GoM pulls up drug pricing body for presenting inaccurate data

GoM pulls up drug pricing body for presenting inaccurate data
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First Published: Mon, May 12 2008. 06 36 AM IST

Updated: Tue, May 13 2008. 11 53 AM IST
New Delhi: A group of ministers, or GoM, tasked with finalizing India’s pharmaceuticals policy has sharply criticized the country’s drug prices regulator for providing inaccurate information at its meeting last Wednesday.
Officials of the chemicals and fertilizers ministry are, however, brushing it away as mere “clarifications” sought from the regulator.
In the meeting on 30 April, agriculture minister Sharad Pawar, who heads the GoM, questioned the National Pharmaceutical Pricing Authority, or NPPA, about the drug prices it quoted in the group’s last meeting in January, the minutes of the meeting show.
Another minister, who is part of the group, supported his view, saying NPPA only gave prices of medicines made by global drug makers and not of the cheaper alternatives made by Indian firms.
Expressing concerns: Union agriculture minister Sharad Pawar. As head of the group of ministers, Pawar has questioned NPPA about the drug prices it quoted at the previous meeting in January. (Photo: Kamal Singh/PTI)
Another minister, who is part of the group, supported his view, saying NPPA only gave prices of medicines made by global drug makers and not of the cheaper alternatives made by Indian firms.
Multinational pharma companies are known for charging higher prices. Picking their products exclusively for a survey, or in unduly high numbers, is bound to create a so-called selection bias that would inflate drug price statistics.
NPPA chairman Ashok Kumar declined to comment on the matter.
According to two people with knowledge of what happened in the meeting, including one who was present in it, minister for science and technology Kapil Sibal said the data that NPPA presented was for products made by multinational drug makers that commanded market shares of no more than 10% in their respective segments.
Alternative home-grown products that have about 90% share of the market and are available at two-thirds or one-third the prices quoted by NPPA were not mentioned by the regulator, he said.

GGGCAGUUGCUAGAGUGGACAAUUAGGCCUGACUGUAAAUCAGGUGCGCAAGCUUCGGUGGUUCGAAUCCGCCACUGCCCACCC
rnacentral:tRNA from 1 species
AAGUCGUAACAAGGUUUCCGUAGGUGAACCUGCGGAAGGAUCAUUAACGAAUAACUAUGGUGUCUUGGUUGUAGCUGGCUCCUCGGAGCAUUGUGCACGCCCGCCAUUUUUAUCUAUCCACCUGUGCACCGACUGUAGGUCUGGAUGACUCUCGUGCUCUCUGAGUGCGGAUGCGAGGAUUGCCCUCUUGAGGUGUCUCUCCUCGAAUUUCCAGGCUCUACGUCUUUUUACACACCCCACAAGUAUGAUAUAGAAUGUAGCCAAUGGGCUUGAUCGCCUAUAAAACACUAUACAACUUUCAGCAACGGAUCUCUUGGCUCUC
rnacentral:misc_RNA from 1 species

Sibal, contacted by Mint to confirm the objections against NPPA, said these were “internal matters” and that he was “not going to comment on them either way”.
NPPA chairman Kumar clarified at the meeting that the examples of high prices of non-scheduled medicines—whose prices are not capped by the regulator—were meant to illustrate how these firm charge exorbitantly at the entry stage, explained a senior official in the ministry of chemicals and fertilizers, who requested anonymity.
A new drug launched by a global drug maker is typically sold at very high prices, and it takes a few years for competition from generic drug makers to catch up and lower it, the official pointed out.
The 30 April meeting had ended inconclusively after the health ministry complained that there were clauses in the new pharma policy that created an overlap between its areas of functioning and that of the ministry of chemicals and fertilizers, as reported in Mint on 1 May.
These functions include the proposed policy’s provisions on buying drugs, health insurance, cancer assistance fund and other schemes for poor families. The GoM has directed the secretaries of the two ministries to sort out the potential overlaps.
The Indian drug industry, with revenues of some Rs70,000 crore, is pitched against the ministry of chemicals and fertilizers—India’s policymaking body for the sector—over the method of imposing price control on 354 so-called essential medicines.
The ministry wants to fix price caps based on input costs while the drug makers prefer a liberal price monitoring regime.
The confrontation has intensified with NPPA initiatinga spate of measures to tighten controls, combing the market finely for violations andcoming down heavily on defaulters.
The regulator has halved the permissible level of price hikes in a year to 10%, brought two dozen new drugs under price control on grounds of public interest, and had till 15 February imposed penalties totalling Rs1,546.28 crore from the industry for overpricing medicines.
However, with companies challenging the regulator’s orders in various law courts, it is still to recover more than Rs1,441 crore.
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First Published: Mon, May 12 2008. 06 36 AM IST